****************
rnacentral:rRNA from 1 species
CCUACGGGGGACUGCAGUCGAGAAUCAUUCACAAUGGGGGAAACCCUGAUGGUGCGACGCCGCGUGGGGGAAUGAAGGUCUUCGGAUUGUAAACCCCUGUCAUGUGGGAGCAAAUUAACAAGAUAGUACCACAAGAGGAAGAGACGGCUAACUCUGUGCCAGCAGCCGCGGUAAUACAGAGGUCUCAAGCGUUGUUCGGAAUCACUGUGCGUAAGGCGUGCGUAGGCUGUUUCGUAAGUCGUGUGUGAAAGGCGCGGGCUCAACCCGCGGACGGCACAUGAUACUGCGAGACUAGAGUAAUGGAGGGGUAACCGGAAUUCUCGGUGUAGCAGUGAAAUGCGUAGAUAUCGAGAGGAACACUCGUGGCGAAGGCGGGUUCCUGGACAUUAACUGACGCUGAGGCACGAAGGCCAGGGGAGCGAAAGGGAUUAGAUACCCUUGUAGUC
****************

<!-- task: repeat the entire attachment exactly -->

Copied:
rnacentral:rRNA from 1 species
CCUACGGGGGACUGCAGUCGAGAAUCAUUCACAAUGGGGGAAACCCUGAUGGUGCGACGCCGCGUGGGGGAAUGAAGGUCUUCGGAUUGUAAACCCCUGUCAUGUGGGAGCAAAUUAACAAGAUAGUACCACAAGAGGAAGAGACGGCUAACUCUGUGCCAGCAGCCGCGGUAAUACAGAGGUCUCAAGCGUUGUUCGGAAUCACUGUGCGUAAGGCGUGCGUAGGCUGUUUCGUAAGUCGUGUGUGAAAGGCGCGGGCUCAACCCGCGGACGGCACAUGAUACUGCGAGACUAGAGUAAUGGAGGGGUAACCGGAAUUCUCGGUGUAGCAGUGAAAUGCGUAGAUAUCGAGAGGAACACUCGUGGCGAAGGCGGGUUCCUGGACAUUAACUGACGCUGAGGCACGAAGGCCAGGGGAGCGAAAGGGAUUAGAUACCCUUGUAGUC